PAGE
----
All posts by Mark

Handling Livestock Safely

Most transporters know that no matter how gentle an animal may appear, it doesn’t necessarily mean that they will continue to act like this while you’re handling them and on the road.  It’s important to understand how all livestock animals think and what their natural behaviors are so that you can be safe when loading, unloading and transporting these animals.

All livestock animals were once a prey of some sort.  All predators have their eyes on the front of their head and have sharp teeth.  All prey have eyes on the sides of their head and have blunt teeth.  You, to a prey animal, are a predator so it is important to remember that when you are handling livestock.

All livestock animals have a point of balance at their shoulder.  When you stand behind their shoulder, it encourages them to move forward.  When you stand in front of the shoulder, they will either stop or they will back away.  Many handlers will make the mistake of standing in front of the shoulders of those animals that they are trying to load.  This is the case with horses often as you try to lead their head into the trailer rather than giving them a driving force from behind.  Groups of cattle or pigs will often move easily into a chute if you don’t stand in front of their shoulder but encourage them from behind.  Because of this, it is often not necessary to prod every animal to get them to the chute and onto a trailer. In fact, if you can stand behind their shoulders and motivate them to move forward they will often move quite easily through a chute and into a trailer without being prodded at all.

All livestock animals also have a “flight zone.”  This is the distance that they feel safe from you and if you move into that space they will move away.  The size of an animal’s flight zone will depend on how tame the animals are.  You can think of this as their “personal bubble.” The size of the flight zone also depends on how excited the animals are, the more excited they are the large the zone becomes.  For cattle, it’s important to remember they are easier to move if they are calm and if they do get excited it will take about 20 to 30 minutes for them to calm down.

If you understand this concept of flight zones and point of balance, you will be much more successful in moving animals and working with them while you are traveling.

Tips for Choosing a Livestock Hauler

The decision to ship livestock is also an important one as you want to make sure that your livestock are shipped safely and securely. Therefore it is important to make sure that you fine a reliable livestock shipper whom you can depend upon to ship your livestock in a safe and secure manner.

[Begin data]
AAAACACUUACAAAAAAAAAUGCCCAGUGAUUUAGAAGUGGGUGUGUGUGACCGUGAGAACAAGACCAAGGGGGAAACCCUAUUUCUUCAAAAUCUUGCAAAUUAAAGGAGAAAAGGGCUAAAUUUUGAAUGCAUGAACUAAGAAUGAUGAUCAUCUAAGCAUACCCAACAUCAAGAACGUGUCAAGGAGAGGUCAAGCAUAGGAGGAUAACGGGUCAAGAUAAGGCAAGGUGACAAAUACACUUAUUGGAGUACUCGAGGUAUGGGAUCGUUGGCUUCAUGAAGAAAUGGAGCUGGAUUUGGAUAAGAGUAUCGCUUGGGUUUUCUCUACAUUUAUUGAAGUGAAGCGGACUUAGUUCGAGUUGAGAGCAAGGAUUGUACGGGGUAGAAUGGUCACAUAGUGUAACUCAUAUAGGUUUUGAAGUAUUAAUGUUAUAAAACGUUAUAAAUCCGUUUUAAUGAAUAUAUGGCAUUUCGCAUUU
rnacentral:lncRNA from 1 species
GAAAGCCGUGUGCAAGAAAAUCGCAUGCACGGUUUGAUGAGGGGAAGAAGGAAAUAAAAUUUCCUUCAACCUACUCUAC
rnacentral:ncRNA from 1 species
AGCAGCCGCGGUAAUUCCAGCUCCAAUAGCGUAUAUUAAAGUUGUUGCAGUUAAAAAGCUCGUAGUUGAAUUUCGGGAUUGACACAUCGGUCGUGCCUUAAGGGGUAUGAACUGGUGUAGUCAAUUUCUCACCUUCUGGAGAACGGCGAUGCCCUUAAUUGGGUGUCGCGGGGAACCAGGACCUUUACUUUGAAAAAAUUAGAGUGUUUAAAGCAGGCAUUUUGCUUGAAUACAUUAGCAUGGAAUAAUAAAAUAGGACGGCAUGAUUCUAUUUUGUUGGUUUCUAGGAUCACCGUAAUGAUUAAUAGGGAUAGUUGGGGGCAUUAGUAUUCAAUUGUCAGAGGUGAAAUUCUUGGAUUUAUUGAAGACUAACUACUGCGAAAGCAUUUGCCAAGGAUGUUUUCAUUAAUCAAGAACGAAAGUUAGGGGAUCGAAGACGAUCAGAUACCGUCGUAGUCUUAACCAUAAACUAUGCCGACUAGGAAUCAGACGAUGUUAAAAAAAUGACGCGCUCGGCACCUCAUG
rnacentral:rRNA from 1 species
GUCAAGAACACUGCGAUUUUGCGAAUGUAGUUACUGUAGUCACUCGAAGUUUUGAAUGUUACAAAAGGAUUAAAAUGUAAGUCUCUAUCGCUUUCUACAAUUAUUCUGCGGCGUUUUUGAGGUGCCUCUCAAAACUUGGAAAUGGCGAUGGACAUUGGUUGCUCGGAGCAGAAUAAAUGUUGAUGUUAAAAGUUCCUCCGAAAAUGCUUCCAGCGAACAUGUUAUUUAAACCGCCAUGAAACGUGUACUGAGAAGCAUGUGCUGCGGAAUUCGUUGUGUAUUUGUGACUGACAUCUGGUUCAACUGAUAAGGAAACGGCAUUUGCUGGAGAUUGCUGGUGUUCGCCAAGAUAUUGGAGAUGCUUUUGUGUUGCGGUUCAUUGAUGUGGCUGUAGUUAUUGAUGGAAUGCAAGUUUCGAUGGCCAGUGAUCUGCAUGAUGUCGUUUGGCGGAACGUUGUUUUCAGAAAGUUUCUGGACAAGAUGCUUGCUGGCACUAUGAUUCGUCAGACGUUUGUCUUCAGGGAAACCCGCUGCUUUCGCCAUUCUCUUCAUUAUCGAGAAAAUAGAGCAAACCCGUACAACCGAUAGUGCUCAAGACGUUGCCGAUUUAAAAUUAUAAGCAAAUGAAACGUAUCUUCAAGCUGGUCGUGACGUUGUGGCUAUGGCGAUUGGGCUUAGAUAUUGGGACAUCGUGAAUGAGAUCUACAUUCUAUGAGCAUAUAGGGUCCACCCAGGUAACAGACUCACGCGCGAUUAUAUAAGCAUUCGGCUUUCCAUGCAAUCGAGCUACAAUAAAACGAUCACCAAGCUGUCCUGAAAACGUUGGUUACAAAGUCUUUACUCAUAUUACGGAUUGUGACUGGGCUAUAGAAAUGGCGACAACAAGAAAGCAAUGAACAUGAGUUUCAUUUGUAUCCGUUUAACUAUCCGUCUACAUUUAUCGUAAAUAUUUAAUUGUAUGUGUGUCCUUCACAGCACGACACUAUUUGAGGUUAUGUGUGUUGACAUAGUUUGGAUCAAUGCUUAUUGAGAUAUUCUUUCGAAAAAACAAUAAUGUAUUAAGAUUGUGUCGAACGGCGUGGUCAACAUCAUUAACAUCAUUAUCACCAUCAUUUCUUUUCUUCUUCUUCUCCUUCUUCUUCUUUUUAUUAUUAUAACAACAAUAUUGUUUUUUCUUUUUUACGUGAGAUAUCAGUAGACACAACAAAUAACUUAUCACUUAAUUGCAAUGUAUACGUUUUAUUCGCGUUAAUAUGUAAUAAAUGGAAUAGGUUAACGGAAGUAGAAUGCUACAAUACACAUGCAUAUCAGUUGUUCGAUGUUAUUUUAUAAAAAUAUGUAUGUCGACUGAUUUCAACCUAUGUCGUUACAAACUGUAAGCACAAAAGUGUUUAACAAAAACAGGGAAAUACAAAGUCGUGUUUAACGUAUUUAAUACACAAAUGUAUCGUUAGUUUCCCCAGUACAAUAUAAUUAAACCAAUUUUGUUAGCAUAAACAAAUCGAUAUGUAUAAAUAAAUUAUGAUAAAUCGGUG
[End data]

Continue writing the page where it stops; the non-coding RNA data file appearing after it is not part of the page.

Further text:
When considering livestock shipping companies there are several questions you should ask in order to choose the best shipping company for your needs.

First, always make sure you ask the shipping company whether they have mover insurance. This is absolutely essential. You should also ask the company how things are handled in the even there should be an accident.

Find out whether the company has the proper Department of Transportation permits as well as required licenses in order to be a commercial animal hauler. Keep in mind that it is illegal to ship livestock across state lines without an Interstate Commerce Commission license number.

You should also find out the schedule for your livestock’s journey. Ask the hauler whether they plan to drive straight through or whether there may be a layover in a different location.

In addition ask about the size of the trailers that will be used. How many other animals will be traveling in the same trailer?

Find out as well who exactly will be looking after your livestock during the journey. Does this person have the proper expertise to take care of your livestock?

Always make sure you find out what kinds of information the company as well as the specific driver should have in order to ship your livestock. For example, find out whether you will need to provide copies of health certificates and veterinarian records. To make sure that the journey is as safe and easy as possible for your livestock, you should also make sure that you provide any imperative information about your livestock to the company. For example, if you are planning to ship a horse then you will need to let the company know if the horse is difficult to handle or if he is the nervous type.

You should also find out if you need to provide hay, feed and any other things your livestock may need during the journey. Along those same lines, ask the company directly whether your livestock will have access to water and feed at all times.

Finally, make sure you ask questions about the company’s cancellation and refund policy.

Keeping Your Horse Comfortable on the Road